- Liability: The benefit of a single-member LLC over a sole proprietorship is that the owner’s liability may be limited to the amount of their investment in the business. In contrast, sole proprietor exposes their assets to danger each time they do business.
Confused? As a sole proprietor, you could lose your business assets and private property if your business faces any legal challenges or a lawsuit. If someone sues you personally, they can also claim your business assets. The law recognizes the owner and the business as separate entities, which is why this can occur. Whatever happens to one side of the business affects the other.
As an SMLLC, your assets remain protected against any legal claims related to your business and vice versa.
What are the benefits of a Single Member LLC:
An SMLLC offers many benefits to its members/owners. Here are some key advantages:
- Limited Liability Protection: The absolute favorite of every LLC owner. One of the major advantages of an SMLLC is its limited liability protection. As a business owner, your personal assets remain protected from various business liabilities like debts, obligations, and financial problems. If your LLC faces legal issues or debt, your personal belongings, like your home or car, are not typically at risk.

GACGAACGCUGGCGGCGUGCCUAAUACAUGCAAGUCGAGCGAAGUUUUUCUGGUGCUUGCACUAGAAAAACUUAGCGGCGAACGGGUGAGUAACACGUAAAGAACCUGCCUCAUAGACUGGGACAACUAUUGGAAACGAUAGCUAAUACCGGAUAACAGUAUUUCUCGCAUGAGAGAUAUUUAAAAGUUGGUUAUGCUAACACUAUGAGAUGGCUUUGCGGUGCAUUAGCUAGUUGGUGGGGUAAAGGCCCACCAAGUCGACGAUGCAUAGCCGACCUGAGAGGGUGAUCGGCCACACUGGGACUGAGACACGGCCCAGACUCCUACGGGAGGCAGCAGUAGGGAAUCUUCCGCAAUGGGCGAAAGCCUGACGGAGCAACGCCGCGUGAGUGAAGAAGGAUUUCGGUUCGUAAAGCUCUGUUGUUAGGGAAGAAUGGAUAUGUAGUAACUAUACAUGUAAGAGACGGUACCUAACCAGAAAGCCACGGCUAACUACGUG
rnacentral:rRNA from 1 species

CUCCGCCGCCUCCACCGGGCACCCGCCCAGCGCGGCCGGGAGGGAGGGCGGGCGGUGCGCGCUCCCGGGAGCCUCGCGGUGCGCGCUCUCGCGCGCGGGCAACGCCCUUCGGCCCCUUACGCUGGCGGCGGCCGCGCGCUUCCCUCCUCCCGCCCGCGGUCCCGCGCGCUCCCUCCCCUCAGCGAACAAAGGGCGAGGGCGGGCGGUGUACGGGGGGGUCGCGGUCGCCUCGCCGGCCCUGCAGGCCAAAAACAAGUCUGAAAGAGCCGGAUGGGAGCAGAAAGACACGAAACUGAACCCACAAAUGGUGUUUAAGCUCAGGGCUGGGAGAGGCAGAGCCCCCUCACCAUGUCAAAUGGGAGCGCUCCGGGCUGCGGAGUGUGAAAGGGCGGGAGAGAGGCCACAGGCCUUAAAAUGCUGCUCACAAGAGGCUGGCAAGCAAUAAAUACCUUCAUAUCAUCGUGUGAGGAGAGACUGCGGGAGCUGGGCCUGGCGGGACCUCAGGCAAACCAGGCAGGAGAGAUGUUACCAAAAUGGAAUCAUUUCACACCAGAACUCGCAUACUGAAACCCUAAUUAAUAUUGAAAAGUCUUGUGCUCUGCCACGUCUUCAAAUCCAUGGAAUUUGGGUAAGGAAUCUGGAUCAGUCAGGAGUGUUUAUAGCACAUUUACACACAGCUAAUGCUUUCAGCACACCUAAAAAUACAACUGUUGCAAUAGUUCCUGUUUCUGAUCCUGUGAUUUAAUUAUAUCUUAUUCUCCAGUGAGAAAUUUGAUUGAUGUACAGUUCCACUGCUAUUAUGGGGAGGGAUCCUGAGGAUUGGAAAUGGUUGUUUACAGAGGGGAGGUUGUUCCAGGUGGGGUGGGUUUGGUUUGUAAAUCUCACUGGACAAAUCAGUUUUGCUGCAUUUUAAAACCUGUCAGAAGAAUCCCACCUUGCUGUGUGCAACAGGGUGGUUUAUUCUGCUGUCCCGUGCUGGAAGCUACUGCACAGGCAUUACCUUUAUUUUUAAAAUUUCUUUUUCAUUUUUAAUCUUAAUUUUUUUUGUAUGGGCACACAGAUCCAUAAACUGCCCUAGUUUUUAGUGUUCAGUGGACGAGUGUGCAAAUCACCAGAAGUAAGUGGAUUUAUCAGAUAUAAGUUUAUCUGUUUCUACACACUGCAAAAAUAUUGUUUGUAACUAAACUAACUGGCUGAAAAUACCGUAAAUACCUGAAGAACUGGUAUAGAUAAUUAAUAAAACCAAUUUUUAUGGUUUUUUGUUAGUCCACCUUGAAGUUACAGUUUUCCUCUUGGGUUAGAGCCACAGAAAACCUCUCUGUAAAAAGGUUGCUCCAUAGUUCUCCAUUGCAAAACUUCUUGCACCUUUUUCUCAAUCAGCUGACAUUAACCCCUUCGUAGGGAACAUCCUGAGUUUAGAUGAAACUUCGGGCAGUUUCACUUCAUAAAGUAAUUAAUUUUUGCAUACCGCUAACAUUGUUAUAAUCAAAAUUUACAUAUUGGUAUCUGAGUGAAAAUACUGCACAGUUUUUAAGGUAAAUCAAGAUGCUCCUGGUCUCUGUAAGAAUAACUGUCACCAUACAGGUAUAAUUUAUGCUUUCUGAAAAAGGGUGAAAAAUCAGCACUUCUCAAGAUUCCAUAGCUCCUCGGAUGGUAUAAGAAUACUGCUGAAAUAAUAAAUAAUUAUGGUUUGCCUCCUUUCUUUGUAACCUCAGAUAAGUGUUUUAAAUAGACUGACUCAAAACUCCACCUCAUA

- Simplicity and Flexibility: As you may already know, running a single member LLC is generally simpler and more flexible than other business structures. You have more control and authority over decision-making and operations without the extensive documentation or formalities required by larger companies.
- Tax Flexibility: SMLLCs enjoy flexibility in terms of taxation. By default, the LLC is considered a “disregarded entity” for tax purposes, meaning the profits and losses of the business will get reported on your personal tax return. However, you also have the option to choose to be taxed as a corporation if it is more advantageous for your specific situation.
What are the drawbacks of a Single Member LLC?
While there are a lot of benefits to forming an SMLLC, there are also a few drawbacks to consider, like,
- Limited Legal Protection: While an SMLLC offers personal liability protection, this protection is often challenged in certain situations. Mixing personal and business finances or failing to maintain proper legal and financial separation between yourself and the LLC may weaken your liability protection.